Lately I’ve been listening to video recordings from a conference that happened last year with Ram Dass and Friends, called No Death, No Fear. In a video called “The Soul Complex” and in previous talks and writing, Ram Dass explains that as we reduce our fear and denial of death, we begin to appreciate the interconnectedness of all things. He has said that the best way to die or be with the dying is to identify with the soul and not the ego. The minute we identify ourselves as our soul, we see other people as souls. And since souls are loving, we love everyone. That in essence is nirvana, or bliss.
The world is calling for deep remembering of who we truly are at our core.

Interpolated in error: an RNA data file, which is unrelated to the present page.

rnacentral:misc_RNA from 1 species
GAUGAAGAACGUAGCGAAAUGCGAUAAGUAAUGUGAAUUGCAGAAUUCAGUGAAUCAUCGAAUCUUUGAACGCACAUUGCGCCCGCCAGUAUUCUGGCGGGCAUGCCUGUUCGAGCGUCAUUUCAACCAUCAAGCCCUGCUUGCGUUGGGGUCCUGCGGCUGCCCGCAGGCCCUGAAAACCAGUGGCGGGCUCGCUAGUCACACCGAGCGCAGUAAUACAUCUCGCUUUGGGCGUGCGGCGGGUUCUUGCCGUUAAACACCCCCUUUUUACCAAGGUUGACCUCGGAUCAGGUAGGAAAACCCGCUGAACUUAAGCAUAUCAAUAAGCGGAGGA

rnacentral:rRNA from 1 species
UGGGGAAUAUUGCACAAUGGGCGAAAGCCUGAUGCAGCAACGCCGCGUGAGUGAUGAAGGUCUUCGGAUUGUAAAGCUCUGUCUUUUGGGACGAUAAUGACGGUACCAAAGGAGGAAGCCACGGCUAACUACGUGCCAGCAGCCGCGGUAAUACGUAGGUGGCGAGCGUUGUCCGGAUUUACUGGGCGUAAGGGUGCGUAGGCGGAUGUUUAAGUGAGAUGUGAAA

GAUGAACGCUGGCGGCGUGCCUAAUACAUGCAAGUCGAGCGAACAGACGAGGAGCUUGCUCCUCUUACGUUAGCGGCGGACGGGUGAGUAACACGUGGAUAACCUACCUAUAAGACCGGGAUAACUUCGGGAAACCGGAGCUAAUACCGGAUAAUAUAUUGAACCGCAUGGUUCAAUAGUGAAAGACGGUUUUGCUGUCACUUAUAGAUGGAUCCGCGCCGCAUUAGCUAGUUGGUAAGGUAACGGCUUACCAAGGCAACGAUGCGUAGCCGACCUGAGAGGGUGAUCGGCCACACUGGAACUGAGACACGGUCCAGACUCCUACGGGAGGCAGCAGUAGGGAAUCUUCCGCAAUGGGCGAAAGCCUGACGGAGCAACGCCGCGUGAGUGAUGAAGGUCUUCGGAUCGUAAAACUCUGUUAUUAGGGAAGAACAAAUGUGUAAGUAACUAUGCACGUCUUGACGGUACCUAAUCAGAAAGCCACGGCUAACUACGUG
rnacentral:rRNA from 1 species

Michelle and I sometimes describe our work at Willow, as “soulful” end-of-life planning. We call it that because our work helps people (including us) wake up before our time’s up and live fully according to who and what matter most. As we prepare for and come to peace with the inevitability of death, we embrace life and all that’s possible for ourselves, our communities and our planet.
Tap into our souls to repair the world.
When my friend, Tal Shai, invited us to to be part of a free world-wide mentoring circle she’s calling the Global Soul Movement, we embraced the opportunity. Tal’s goal is to collaboratively explore leading-edge systems, paradigms and ways of being that are greatly needed to navigate these complex, emergent times.
To this end, she’s interviewed leading experts and luminaries on such topics as empathy, loneliness, family constellations, human design, shamanism, peace activism, and heartmath.
We were honoured to dive deep with Tal and talk about our approach to using death as a tool for living and loving fully. It was a moving experience for us to connect our efforts and intentions to something so much bigger than Willow.
What about you?
What do the words “global soul movement” mean to you?